At present, the growth of processor performance has slowed down, and new impetus is needed to drive development in the future. This new power may be chip-level photon computing, which is a light-based hardware assembly and is expected to greatly improve performance. The scientific team sponsored by Nippon Telegraph and Telephone Corporation has made great breakthroughs in the field of photonics technology recently, making photonic hardware the first time to have the performance and specifications comparable to electronic hardware.
In the next 10 years, you will see a variety of breakthroughs in optics, including the use of light to transmit information, and then let the electronic hardware process it. For example, electrical signals will be converted to light through the Electric to Optic (E-O) device, and then light will be converted to current in the Optic to Electric (O-E) device after transmission through light, which can be processed or sent to the next E-O device.
At present, the main challenge facing scientists is the power requirement. The power required to transmit light in the form of light is more than 1,000 times that of electrical signals, and there are limitations in transmission speed, because every time light is absorbed, it needs to enter the container for conversion. And the container must be fully filled and discharged before it can pass the signal, but so far, building a capacitor small enough to achieve fast forwarding is very challenging.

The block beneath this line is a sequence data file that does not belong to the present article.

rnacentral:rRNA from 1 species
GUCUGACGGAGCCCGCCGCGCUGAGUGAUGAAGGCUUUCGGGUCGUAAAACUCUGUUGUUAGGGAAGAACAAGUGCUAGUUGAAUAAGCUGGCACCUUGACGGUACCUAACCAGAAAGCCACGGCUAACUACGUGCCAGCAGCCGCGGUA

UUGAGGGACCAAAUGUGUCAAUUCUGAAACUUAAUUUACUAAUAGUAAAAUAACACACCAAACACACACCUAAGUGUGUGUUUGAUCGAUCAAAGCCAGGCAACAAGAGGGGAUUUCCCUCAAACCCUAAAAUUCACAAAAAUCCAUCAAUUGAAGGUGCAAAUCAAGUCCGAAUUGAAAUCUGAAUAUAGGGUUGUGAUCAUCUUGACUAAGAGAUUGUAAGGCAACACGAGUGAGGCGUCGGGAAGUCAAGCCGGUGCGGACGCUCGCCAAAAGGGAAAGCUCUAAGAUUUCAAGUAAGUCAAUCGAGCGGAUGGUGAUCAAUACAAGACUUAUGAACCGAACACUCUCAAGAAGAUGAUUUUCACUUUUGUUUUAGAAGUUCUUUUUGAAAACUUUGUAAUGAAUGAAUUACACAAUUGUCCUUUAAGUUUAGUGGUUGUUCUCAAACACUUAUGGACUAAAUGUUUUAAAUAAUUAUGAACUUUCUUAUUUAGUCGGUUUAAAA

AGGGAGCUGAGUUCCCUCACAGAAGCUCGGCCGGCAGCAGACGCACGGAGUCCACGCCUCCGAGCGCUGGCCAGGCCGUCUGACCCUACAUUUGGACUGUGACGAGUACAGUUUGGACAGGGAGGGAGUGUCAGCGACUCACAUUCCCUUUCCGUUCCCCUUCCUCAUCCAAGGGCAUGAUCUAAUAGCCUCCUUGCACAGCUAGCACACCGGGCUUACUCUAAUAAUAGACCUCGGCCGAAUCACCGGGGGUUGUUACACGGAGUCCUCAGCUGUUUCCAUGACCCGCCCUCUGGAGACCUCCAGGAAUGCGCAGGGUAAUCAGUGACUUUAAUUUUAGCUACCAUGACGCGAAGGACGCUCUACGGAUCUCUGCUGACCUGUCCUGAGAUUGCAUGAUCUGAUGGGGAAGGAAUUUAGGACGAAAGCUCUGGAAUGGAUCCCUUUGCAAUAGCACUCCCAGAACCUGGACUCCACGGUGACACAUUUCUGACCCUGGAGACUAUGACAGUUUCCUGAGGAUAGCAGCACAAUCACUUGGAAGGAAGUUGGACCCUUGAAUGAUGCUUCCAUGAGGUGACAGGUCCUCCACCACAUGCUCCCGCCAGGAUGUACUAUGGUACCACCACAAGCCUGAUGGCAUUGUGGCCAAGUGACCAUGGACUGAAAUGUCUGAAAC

The scientific team has achieved leapfrogging development in the optical field, and ultimately achieved performance and power consumption requirements comparable to traditional silicon hardware. The team created an electro-optic modulator (E-O) that runs at 40 Gbps, with only 42 joules per bit, which means that it consumes an order of magnitude less power than the best experiments ever, with about half of the containers being femtofarad.
Then, they constructed an optical receiver (O-E) based on the same technology, and could operate at 10 Gbps at two orders of magnitude lower than other optical systems, with a bit of only 1.6 nanojoules. It is also the first product that does not require an amplifier (power saving) and has low capacitance in just a few megafarads.
On the basis of both, the team demonstrated the world's first O-E-O transistor, which can be used as an all-optical switch, wavelength converter and repeater. The incredible versatility makes it the first device to surpass electronic hardware at the chip level. Researchers suggest that it can be used to communicate between cores and maintain cache consistency.
The team made this breakthrough by developing a new type of photonic crystal, a synthetic insulating material that controls light, a silicon wafer with holes drilled in it. The arrangement of these holes causes light to interfere with itself if it passes through them, thus causing it to be cancelled out. If a hole is blocked, light follows the path and is aggregated into an optical absorption material, which is converted into electricity. The same system can also run backwards.